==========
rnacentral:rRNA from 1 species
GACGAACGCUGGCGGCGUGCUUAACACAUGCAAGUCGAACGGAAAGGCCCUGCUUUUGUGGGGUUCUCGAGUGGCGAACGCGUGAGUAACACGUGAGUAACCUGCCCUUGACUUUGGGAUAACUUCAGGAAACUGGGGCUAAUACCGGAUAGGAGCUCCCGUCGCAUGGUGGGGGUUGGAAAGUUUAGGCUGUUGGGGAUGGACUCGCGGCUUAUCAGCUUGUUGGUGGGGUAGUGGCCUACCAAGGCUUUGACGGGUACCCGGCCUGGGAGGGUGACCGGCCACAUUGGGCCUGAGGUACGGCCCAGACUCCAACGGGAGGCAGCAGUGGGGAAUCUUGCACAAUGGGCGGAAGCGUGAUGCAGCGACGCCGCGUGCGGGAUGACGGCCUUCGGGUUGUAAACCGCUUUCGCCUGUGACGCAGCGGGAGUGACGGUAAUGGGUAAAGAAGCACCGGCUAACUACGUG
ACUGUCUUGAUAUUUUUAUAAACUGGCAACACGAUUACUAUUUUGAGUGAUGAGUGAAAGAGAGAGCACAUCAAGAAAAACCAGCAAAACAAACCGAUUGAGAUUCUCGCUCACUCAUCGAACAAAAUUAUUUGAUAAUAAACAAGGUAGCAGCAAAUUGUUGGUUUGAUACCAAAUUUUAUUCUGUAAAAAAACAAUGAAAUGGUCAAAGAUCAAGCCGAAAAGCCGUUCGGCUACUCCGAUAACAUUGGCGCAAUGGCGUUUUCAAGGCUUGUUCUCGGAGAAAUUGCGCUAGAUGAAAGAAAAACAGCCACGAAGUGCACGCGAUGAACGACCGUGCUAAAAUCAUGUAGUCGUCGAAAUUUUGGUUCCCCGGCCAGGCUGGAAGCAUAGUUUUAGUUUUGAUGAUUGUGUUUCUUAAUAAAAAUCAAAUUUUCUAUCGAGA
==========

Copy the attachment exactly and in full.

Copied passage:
rnacentral:rRNA from 1 species
GACGAACGCUGGCGGCGUGCUUAACACAUGCAAGUCGAACGGAAAGGCCCUGCUUUUGUGGGGUUCUCGAGUGGCGAACGCGUGAGUAACACGUGAGUAACCUGCCCUUGACUUUGGGAUAACUUCAGGAAACUGGGGCUAAUACCGGAUAGGAGCUCCCGUCGCAUGGUGGGGGUUGGAAAGUUUAGGCUGUUGGGGAUGGACUCGCGGCUUAUCAGCUUGUUGGUGGGGUAGUGGCCUACCAAGGCUUUGACGGGUACCCGGCCUGGGAGGGUGACCGGCCACAUUGGGCCUGAGGUACGGCCCAGACUCCAACGGGAGGCAGCAGUGGGGAAUCUUGCACAAUGGGCGGAAGCGUGAUGCAGCGACGCCGCGUGCGGGAUGACGGCCUUCGGGUUGUAAACCGCUUUCGCCUGUGACGCAGCGGGAGUGACGGUAAUGGGUAAAGAAGCACCGGCUAACUACGUG
ACUGUCUUGAUAUUUUUAUAAACUGGCAACACGAUUACUAUUUUGAGUGAUGAGUGAAAGAGAGAGCACAUCAAGAAAAACCAGCAAAACAAACCGAUUGAGAUUCUCGCUCACUCAUCGAACAAAAUUAUUUGAUAAUAAACAAGGUAGCAGCAAAUUGUUGGUUUGAUACCAAAUUUUAUUCUGUAAAAAAACAAUGAAAUGGUCAAAGAUCAAGCCGAAAAGCCGUUCGGCUACUCCGAUAACAUUGGCGCAAUGGCGUUUUCAAGGCUUGUUCUCGGAGAAAUUGCGCUAGAUGAAAGAAAAACAGCCACGAAGUGCACGCGAUGAACGACCGUGCUAAAAUCAUGUAGUCGUCGAAAUUUUGGUUCCCCGGCCAGGCUGGAAGCAUAGUUUUAGUUUUGAUGAUUGUGUUUCUUAAUAAAAAUCAAAUUUUCUAUCGAGA